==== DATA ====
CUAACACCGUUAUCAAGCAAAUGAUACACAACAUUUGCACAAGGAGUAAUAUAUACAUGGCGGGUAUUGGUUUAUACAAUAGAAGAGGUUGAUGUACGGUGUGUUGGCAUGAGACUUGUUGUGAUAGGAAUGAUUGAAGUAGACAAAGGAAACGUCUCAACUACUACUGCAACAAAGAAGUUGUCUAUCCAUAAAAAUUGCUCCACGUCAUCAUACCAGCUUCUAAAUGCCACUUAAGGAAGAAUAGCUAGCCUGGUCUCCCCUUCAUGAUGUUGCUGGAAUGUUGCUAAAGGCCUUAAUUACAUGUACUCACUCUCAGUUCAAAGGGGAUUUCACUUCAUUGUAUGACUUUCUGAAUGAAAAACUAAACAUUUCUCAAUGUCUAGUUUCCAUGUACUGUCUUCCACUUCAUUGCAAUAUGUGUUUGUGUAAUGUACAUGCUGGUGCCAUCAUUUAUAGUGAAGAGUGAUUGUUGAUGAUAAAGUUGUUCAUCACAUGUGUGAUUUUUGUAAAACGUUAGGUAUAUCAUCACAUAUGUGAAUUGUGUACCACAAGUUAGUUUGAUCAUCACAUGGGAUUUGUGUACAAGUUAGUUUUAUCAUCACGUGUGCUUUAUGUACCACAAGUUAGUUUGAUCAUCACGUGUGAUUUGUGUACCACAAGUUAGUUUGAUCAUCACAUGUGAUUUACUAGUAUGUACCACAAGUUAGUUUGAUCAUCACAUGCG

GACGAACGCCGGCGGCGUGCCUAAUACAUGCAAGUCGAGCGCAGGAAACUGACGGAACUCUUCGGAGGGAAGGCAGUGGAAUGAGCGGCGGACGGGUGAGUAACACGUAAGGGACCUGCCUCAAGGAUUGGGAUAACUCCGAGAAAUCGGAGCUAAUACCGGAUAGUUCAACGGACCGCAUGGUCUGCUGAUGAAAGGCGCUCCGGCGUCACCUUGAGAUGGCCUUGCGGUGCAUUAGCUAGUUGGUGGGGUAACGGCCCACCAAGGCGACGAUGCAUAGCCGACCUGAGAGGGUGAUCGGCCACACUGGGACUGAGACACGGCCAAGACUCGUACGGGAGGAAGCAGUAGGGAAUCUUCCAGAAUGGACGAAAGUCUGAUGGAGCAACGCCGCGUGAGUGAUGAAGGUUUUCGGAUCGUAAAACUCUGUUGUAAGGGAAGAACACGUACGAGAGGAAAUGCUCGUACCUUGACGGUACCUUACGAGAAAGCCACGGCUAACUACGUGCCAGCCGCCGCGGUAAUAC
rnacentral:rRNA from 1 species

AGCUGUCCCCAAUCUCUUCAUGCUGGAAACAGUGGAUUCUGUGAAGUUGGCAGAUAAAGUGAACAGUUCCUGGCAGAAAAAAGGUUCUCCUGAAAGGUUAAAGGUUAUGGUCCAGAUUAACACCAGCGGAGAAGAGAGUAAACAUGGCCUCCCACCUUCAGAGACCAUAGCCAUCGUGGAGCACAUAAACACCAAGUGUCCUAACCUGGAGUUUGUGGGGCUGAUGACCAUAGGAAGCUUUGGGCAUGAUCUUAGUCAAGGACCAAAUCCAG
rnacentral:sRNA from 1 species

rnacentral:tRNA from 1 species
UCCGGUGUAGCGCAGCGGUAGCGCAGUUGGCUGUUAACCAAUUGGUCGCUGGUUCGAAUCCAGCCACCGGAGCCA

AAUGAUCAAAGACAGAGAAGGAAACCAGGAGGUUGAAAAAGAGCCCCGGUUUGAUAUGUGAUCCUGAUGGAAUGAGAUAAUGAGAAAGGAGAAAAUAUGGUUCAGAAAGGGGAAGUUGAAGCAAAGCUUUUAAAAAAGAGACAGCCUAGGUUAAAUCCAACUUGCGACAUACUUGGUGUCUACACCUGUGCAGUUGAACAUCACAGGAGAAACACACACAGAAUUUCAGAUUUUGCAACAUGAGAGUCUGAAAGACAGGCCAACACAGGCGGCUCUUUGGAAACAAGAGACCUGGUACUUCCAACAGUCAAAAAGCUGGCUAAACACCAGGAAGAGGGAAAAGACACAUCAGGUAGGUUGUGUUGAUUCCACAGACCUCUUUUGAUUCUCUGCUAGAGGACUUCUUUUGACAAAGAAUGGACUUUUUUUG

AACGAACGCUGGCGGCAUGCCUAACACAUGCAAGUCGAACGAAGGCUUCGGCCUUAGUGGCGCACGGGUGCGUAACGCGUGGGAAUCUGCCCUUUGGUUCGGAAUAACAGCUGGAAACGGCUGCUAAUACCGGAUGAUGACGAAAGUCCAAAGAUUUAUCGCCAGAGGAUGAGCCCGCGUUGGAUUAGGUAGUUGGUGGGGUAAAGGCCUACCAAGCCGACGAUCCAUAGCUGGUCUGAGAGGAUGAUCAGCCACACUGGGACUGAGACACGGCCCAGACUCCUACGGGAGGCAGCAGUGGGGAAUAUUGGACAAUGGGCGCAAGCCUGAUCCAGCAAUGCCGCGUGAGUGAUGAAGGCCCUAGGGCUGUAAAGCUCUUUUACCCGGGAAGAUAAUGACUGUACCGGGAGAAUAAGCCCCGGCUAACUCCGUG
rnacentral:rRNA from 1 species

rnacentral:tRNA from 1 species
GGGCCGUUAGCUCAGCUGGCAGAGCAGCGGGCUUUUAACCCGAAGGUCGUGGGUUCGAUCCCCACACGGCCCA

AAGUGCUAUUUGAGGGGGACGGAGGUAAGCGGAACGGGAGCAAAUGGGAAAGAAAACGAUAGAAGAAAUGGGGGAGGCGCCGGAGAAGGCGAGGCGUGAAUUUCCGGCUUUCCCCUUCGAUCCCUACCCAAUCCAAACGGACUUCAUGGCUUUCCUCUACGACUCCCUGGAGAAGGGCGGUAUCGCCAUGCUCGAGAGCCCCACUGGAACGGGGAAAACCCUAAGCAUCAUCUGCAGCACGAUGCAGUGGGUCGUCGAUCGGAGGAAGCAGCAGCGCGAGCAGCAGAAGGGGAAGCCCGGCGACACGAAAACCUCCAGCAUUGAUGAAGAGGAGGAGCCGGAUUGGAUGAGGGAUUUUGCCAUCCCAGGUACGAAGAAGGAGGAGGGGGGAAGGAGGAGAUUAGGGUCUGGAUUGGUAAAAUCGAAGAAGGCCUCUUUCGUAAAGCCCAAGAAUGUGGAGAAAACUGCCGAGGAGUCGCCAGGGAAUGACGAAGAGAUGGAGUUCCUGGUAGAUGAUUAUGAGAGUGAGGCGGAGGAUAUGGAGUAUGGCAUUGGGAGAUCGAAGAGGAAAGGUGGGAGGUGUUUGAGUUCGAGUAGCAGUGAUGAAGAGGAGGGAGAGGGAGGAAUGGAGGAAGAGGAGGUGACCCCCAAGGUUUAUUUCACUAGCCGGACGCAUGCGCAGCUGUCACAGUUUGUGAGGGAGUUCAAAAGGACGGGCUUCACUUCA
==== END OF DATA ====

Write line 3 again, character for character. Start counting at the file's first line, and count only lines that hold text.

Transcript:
rnacentral:rRNA from 1 species